‘Sober school’ to open inside Roxborough synagogue

Roxborough will soon be home to the region’s first high school entirely devoted to students recovering from drug and alcohol abuse.

After nearly two years of planning and clearing city and state hurdles, The Greater Philadelphia Association for Recovery Education (GPARE) will open The Bridge Way School in September. It will be housed inside, but not in connection with, Mishkan Shalom Synagogue on Freeland Avenue.

GPARE’s vision recently became a reality after the Pennsylvania Board of Education awarded the “sober school” a state license and accreditation.

Executive Director Rebecca Bonner, who will teach and act as the school’s academic head, said the state’s approval made for an emotional moment.

“We left the hearing room and a couple of us burst into tears,” said Bonner of the May 13 hearing in Harrisburg.

Bonner was joined by Sharon Weinman, the school’s board president, and Susan Josephs, the school’s vice president.

The nonprofit previously had to win approval from the city’s Zoning Board of Adjustment in order to hold daily classes inside the space they’ll lease from the synagogue. The city’s department of Licenses & Inspections then had to inspect the building and issue a certificate of occupancy.

Bonner said those first two steps took some time and ultimately delayed the school’s initial plan to open in February.

GPARE’s overall goal, however, remains the same: to provide recovering students from across the Delaware Valley with a safe place to learn before transitioning back to traditional learning environments.

“We’re kind of providing the bridge from treatment to life as a recovering person,” said Bonner. She said that concept is one of the reasons why the word bridge ended up in the school’s name.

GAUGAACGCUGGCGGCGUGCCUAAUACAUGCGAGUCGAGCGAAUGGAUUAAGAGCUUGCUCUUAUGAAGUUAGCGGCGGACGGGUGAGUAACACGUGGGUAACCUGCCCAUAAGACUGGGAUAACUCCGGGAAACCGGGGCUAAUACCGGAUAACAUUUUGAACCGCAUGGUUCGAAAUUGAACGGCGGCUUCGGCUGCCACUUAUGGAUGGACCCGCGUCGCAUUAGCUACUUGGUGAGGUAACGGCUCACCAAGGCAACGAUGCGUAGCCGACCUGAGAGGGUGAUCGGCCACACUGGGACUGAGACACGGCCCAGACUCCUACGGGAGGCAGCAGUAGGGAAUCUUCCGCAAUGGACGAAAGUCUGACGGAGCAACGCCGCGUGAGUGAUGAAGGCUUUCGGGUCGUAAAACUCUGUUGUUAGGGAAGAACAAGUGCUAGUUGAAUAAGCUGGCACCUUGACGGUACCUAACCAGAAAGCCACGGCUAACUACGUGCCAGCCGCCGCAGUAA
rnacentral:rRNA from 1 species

Another is that the independent day school will look to maintain strong relationships, or bridges, between recovering students and their support structure, usually their families.

And still another is that The Bridge Way School will be located near the city’s iconic Manayunk Bridge, an artistic rendering of which will be used as part of a school logo.

Academically, the school’s curriculum will be somewhat similar to most of the area’s college preparatory high schools, but will have an added focus on art, music and physical education.

“Kids in recovery often need various forms of creative expression to work out addiction issues and other emotions associated with recovery,” said Bonner in an email Monday.

“PE is being offered every day since research indicates that sobriety is easier to maintain with adequate levels of endorphins hitting the brain,” she added.

Students, however, will be required to attend 12-step meetings each day and must agree to random drug testing.

The school will also hold non-traditional hours – 9 a.m. to 4 p.m. – so students will learn when they’re more alert and have less opportunity to mingle with kids from other neighborhood high schools. The latter, said Bonner, could lead to relapse.

Enrollees will also be asked to stay at the school for an entire year before moving on, though the school is set-up to hand out diplomas.

Most of the student body will be coming to the school from residential or outpatient treatment programs.

Many of the teachers, said Bonner, will be people who have recovered from substance abuse or have experience with that world. She said that fact sets the school apart from other recovery schools in the country.

“We’re not only a place that provides support for students in recovery; we’re actually a place that honors recovery,” said Bonner, who said the school will also have an in-house clinical director.

There are about 30 recovery schools across the country. The closest of the non-boarding variety is in Boston.

The day school’s tuition will be $19,000 a semester or $38,000 for the entire year.

So far, Bonner said there are no enrollees, but she’s not worried. She said many students that might need the school’s services may not reach the point of considering a recovery school until the start of summer, after they’ve made it through the current school year.

The Bridge Way School plans to start off with 10 students. It can gradually grow to 50.

The first day of classes will be Sept. 8.

For more information, go to the The Bridge Way School’s website

Want a digest of WHYY’s programs, events & stories? Sign up for our weekly newsletter.

Together we can reach 100% of WHYY’s fiscal year goal